Monday, 26 July 2021

Council wins legal fight with Bond author’s heirs over land

Council wins legal fight with author’s heirs over school land

A LEGAL battle between the descendants of James Bond author Ian Fleming and Oxfordshire County Council has taken a new turn.

The Supreme Court has ruled in favour of an appeal by the council over the ownership of land in Nettlebed which the two sides disputed.

The council says the plot was gifted to it for use as a school. In 1914 and 1928, Mr Fleming’s grandfather Robert transferred almost an acre of land known as “the Fleming site” to be used for this purpose.

The school relocated to a bigger building in 2006 on adjacent land and the old site was sold to a property developer, Bluespace Property Nineteen, the following year for £1,355,000.

Heirs of Mr Fleming have been in dispute with the council as they feel they were entitled to the majority of the money made from the sale of the land.

Brothers Michael and Rupert Rittson-Thomas claimed this right under the Reverter of Sites Act 1987, which governs ownership rights when donated land is no longer used for particular purposes. They claimed that 93 per cent of site represented land gifted by Mr Fleming and that, because it had ceased to be used by the school before the sale, the ownership reverted to Mr Fleming’s estate.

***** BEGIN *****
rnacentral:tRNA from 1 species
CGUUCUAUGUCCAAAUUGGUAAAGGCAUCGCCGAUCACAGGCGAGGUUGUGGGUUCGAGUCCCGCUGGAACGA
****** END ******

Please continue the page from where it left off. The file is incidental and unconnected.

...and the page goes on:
The council argued that the Act did not apply as it had used the entire net proceeds of the land sale on providing the new school.

A High Court judge ruled in the council’s favour but in 2019 three Appeal Court judges overturned this decision in favour of the family.

Now the Supreme Court has granted the council’s appeal, saying that the Fleming site had not ceased to be used for the purposes of Nettlebed School, even after the school had moved, as it was always the council’s intention to use the proceeds of the sale to pay off the cost of the new school.

Anita Bradley, the council’s director for law and governance, said: “We are pleased this legal situation has now been fully resolved and that the ultimate result is that there has been no cost to the taxpayer.”

Mr Fleming, a Victorian merchant banker who died in 1933, built Joyce Grove, which was the Sue Ryder hospice until last March.

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